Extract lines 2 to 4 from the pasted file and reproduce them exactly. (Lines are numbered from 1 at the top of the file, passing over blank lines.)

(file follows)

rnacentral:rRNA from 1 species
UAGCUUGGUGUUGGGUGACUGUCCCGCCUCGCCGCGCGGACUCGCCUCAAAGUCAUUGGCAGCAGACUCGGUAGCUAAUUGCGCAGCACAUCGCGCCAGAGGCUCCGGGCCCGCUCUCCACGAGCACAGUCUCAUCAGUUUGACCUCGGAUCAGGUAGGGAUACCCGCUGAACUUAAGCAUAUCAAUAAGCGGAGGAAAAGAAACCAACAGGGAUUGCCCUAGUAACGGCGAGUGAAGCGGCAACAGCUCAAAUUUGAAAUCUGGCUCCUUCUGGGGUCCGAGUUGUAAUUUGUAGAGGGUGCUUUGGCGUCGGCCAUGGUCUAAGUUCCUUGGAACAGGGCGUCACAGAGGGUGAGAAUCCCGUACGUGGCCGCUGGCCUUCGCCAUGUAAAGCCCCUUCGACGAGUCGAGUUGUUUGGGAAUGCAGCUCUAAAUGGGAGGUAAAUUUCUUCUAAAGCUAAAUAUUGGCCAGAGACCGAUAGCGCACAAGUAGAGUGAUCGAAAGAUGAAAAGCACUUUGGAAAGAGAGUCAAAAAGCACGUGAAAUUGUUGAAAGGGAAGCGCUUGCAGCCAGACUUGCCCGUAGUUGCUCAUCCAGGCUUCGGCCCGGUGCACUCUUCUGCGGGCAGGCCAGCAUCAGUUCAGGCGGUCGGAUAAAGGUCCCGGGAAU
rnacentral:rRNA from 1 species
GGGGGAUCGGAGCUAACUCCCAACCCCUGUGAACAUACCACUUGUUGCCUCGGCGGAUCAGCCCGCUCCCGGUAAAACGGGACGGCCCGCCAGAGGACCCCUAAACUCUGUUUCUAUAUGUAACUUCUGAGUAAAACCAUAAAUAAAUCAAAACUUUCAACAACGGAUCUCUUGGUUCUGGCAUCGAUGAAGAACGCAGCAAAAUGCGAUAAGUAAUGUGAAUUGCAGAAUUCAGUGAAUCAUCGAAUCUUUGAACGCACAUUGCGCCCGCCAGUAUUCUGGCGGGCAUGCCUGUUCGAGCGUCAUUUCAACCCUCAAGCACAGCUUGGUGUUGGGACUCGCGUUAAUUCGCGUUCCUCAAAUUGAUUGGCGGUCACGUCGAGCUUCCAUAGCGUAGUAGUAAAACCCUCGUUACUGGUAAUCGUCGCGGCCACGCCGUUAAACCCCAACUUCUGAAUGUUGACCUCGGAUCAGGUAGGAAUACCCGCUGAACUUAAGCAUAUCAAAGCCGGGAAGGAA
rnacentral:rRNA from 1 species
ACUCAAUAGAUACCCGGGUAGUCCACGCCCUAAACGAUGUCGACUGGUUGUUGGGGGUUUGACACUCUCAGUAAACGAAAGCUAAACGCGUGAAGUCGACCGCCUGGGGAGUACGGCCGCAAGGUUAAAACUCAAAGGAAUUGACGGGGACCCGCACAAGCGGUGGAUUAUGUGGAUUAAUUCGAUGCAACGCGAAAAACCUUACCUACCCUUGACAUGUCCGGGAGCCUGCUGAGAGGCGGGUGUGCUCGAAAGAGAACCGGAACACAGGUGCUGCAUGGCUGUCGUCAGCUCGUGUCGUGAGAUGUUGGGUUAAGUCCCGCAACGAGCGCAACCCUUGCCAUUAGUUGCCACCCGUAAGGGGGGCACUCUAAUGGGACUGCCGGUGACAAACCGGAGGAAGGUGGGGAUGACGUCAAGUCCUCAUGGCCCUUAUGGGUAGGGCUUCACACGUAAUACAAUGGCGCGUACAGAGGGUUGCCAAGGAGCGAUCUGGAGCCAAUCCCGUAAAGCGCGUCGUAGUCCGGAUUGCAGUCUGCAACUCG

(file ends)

UAGCUUGGUGUUGGGUGACUGUCCCGCCUCGCCGCGCGGACUCGCCUCAAAGUCAUUGGCAGCAGACUCGGUAGCUAAUUGCGCAGCACAUCGCGCCAGAGGCUCCGGGCCCGCUCUCCACGAGCACAGUCUCAUCAGUUUGACCUCGGAUCAGGUAGGGAUACCCGCUGAACUUAAGCAUAUCAAUAAGCGGAGGAAAAGAAACCAACAGGGAUUGCCCUAGUAACGGCGAGUGAAGCGGCAACAGCUCAAAUUUGAAAUCUGGCUCCUUCUGGGGUCCGAGUUGUAAUUUGUAGAGGGUGCUUUGGCGUCGGCCAUGGUCUAAGUUCCUUGGAACAGGGCGUCACAGAGGGUGAGAAUCCCGUACGUGGCCGCUGGCCUUCGCCAUGUAAAGCCCCUUCGACGAGUCGAGUUGUUUGGGAAUGCAGCUCUAAAUGGGAGGUAAAUUUCUUCUAAAGCUAAAUAUUGGCCAGAGACCGAUAGCGCACAAGUAGAGUGAUCGAAAGAUGAAAAGCACUUUGGAAAGAGAGUCAAAAAGCACGUGAAAUUGUUGAAAGGGAAGCGCUUGCAGCCAGACUUGCCCGUAGUUGCUCAUCCAGGCUUCGGCCCGGUGCACUCUUCUGCGGGCAGGCCAGCAUCAGUUCAGGCGGUCGGAUAAAGGUCCCGGGAAU
rnacentral:rRNA from 1 species
GGGGGAUCGGAGCUAACUCCCAACCCCUGUGAACAUACCACUUGUUGCCUCGGCGGAUCAGCCCGCUCCCGGUAAAACGGGACGGCCCGCCAGAGGACCCCUAAACUCUGUUUCUAUAUGUAACUUCUGAGUAAAACCAUAAAUAAAUCAAAACUUUCAACAACGGAUCUCUUGGUUCUGGCAUCGAUGAAGAACGCAGCAAAAUGCGAUAAGUAAUGUGAAUUGCAGAAUUCAGUGAAUCAUCGAAUCUUUGAACGCACAUUGCGCCCGCCAGUAUUCUGGCGGGCAUGCCUGUUCGAGCGUCAUUUCAACCCUCAAGCACAGCUUGGUGUUGGGACUCGCGUUAAUUCGCGUUCCUCAAAUUGAUUGGCGGUCACGUCGAGCUUCCAUAGCGUAGUAGUAAAACCCUCGUUACUGGUAAUCGUCGCGGCCACGCCGUUAAACCCCAACUUCUGAAUGUUGACCUCGGAUCAGGUAGGAAUACCCGCUGAACUUAAGCAUAUCAAAGCCGGGAAGGAA